New findings show 11 % increase in immediate college enrollment from 2014 to 2017.
To some, it may not seem to be a neighborhood where most of the kids go to college. The area around UCLA Community School near Koreatown in Los Angeles is populated by hardworking, low-income residents. About two-thirds are foreign born, many from Mexico and Central America. About 10 percent are Korean. The majority of students who attend the school come from families where money is always tight, and where economic hardship is real. Most begin school classified as English Learners.
But the students in UCLA Community School go to college at higher rates than their student peers in Los Angeles and across the nation, and they keep going.
A new analysis, the UCLA Community School Longitudinal College-going Data Report, finds that 86 percent of students in the class of 2017 enrolled in college immediately after high school, 60 percent in four-year colleges. And the rate of persistence toward a college education for these students from the first year to second was 85 percent.
By way of comparison, in 2016, the immediate college enrollment rate in 4-year schools for students across the United States was 46 percent. And the persistence rate from the first to the second year of college was 74 percent.
The research, by Sidronio Jacobo and Karen Hunter Quartz at the UCLA Graduate School of Education and Information Studies, examines the college plans, enrollment, and persistence of the UCLA Community School classes of 2014 to 2018. To compile the analysis, The UCLA Community School Research and Accountability Committee (RAC) tracks the postsecondary success of UCLA-CS alumni using data from two databases: the UCLA-CS College Database and the UCLA-CS Postsecondary Pathways Database. In doing so the research draws on college enrollment data provided by the National Student Clearinghouse. The RAC also collects and provides data that may be missing from NSC reports.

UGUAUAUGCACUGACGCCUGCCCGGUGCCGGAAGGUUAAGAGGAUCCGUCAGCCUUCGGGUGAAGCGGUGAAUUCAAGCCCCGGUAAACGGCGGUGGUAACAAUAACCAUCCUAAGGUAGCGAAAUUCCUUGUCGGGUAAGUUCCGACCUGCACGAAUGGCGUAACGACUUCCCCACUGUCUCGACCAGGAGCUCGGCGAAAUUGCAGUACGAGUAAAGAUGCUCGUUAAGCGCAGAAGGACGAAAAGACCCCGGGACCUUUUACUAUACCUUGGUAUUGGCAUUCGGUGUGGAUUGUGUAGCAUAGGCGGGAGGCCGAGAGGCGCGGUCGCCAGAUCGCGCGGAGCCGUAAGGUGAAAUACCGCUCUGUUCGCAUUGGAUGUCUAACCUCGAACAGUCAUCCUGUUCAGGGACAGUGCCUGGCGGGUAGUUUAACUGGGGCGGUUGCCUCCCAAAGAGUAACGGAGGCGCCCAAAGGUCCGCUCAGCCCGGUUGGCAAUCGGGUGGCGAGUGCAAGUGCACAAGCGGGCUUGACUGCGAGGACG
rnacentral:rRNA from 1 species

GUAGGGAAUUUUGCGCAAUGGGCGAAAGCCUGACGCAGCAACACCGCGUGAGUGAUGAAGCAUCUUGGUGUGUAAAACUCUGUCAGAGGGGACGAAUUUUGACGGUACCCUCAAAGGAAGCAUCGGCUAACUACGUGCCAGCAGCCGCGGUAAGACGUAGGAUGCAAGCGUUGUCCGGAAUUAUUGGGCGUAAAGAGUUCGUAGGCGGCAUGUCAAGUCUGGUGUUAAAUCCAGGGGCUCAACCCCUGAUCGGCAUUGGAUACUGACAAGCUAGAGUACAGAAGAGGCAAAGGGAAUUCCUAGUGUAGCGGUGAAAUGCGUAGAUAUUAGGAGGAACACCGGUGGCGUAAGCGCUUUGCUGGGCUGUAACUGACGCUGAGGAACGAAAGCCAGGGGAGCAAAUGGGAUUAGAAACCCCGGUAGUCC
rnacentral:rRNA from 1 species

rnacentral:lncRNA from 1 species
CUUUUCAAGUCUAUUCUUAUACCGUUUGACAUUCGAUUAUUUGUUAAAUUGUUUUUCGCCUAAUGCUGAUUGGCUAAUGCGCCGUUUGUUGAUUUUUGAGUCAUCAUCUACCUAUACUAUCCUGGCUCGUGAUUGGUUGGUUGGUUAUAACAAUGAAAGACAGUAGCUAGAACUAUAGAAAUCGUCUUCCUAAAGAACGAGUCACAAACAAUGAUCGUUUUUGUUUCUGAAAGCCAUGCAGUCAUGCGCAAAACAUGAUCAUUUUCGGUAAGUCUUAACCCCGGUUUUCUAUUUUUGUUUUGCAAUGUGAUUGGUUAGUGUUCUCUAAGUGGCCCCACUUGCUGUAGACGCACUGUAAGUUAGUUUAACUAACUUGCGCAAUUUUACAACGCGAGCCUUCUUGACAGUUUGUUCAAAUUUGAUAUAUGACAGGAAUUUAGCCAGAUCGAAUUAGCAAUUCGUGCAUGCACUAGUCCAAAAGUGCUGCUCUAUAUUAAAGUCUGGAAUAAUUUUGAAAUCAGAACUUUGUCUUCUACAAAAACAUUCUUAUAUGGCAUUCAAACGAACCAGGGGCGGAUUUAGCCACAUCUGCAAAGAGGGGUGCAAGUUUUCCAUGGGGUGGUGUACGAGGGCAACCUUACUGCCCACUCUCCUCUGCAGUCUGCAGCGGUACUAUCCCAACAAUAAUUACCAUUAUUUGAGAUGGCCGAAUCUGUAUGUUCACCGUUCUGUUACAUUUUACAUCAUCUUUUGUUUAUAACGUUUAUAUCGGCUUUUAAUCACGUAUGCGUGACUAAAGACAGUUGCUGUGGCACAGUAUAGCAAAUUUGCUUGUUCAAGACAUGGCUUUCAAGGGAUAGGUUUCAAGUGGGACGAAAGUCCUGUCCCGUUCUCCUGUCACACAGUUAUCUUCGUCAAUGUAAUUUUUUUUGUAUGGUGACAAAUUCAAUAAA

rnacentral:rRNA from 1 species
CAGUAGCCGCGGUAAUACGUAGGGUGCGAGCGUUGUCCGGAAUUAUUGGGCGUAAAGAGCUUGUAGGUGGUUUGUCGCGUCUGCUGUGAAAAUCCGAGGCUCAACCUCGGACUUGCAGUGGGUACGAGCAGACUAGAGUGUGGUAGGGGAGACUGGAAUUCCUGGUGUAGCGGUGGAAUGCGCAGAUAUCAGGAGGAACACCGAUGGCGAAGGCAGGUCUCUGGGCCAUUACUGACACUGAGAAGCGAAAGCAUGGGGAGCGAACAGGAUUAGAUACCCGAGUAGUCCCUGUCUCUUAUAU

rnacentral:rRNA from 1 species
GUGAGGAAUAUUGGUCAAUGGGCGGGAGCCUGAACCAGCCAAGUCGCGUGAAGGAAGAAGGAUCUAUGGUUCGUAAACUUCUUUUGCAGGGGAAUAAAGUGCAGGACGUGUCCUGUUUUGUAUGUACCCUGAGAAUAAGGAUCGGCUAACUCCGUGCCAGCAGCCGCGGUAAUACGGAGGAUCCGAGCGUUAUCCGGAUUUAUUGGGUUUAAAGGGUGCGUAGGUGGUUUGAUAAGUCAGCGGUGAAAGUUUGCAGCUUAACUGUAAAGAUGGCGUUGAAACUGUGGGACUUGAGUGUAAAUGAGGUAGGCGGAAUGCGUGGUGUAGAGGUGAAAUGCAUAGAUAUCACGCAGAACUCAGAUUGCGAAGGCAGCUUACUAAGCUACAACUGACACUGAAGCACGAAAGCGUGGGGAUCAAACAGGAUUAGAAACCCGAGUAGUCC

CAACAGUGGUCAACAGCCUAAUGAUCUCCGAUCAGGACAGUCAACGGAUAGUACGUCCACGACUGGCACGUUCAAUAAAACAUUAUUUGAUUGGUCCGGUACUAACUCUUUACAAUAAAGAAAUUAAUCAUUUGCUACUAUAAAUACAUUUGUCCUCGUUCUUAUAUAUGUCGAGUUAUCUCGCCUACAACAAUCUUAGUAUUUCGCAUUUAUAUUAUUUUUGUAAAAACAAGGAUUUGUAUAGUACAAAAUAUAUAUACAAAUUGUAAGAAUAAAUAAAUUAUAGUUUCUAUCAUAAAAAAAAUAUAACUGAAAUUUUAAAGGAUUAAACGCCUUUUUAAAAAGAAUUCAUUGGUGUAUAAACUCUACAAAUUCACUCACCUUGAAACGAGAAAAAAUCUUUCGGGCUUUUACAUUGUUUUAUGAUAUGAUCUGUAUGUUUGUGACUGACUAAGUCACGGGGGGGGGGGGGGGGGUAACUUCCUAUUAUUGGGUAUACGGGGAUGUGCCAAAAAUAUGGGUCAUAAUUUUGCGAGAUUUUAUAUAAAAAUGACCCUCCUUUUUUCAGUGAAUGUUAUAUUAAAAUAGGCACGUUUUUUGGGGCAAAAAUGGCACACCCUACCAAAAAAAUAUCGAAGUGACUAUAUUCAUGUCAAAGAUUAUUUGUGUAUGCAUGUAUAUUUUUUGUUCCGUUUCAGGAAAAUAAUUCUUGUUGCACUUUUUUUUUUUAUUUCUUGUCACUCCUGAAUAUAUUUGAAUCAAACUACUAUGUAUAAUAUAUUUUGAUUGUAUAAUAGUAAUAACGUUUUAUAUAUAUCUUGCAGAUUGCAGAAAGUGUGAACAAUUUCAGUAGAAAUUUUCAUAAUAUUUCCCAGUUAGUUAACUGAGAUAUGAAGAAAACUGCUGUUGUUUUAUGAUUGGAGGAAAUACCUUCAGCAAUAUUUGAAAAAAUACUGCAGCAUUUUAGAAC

The findings show an increase in immediate college enrollment by UCLA Community School students from 75 percent in 2014 to 86 percent in the class of 2017. Enrollment in four-year colleges has increased by more than 10 percent (49% to 60%) during the same time period. By comparison, enrollment rates by students from schools in the Los Angeles Unified School District have remained relatively flat at about 36 percent. There has been a 2 percent gain (from 44% to 46%) nationally during the same time period.
With a persistence rate of 85 percent of students in 2016, college persistence rates at the UCLA Community school also slightly exceed those for students across California (69%) and Nationally (4%) in 2016. And one important note, overall, the persistence rates of Latino graduates attending four-year colleges increased from 47% 2014 to 61% 2016.
“Overall, this report on the first four cohorts of UCLA Community School graduates provides strong initial evidence that the school is developing a robust college-going culture for first-generation, college-going students,” said Karen Hunter Quartz, Director of UCLA Center for Community Schooling. “The next frontier will be tracking college graduation rates in 2020 when graduates of the Class of 2014 reach their sixth postsecondary year.”
The full report can be found online at https://communityschooling.gseis.ucla.edu/college-going-report/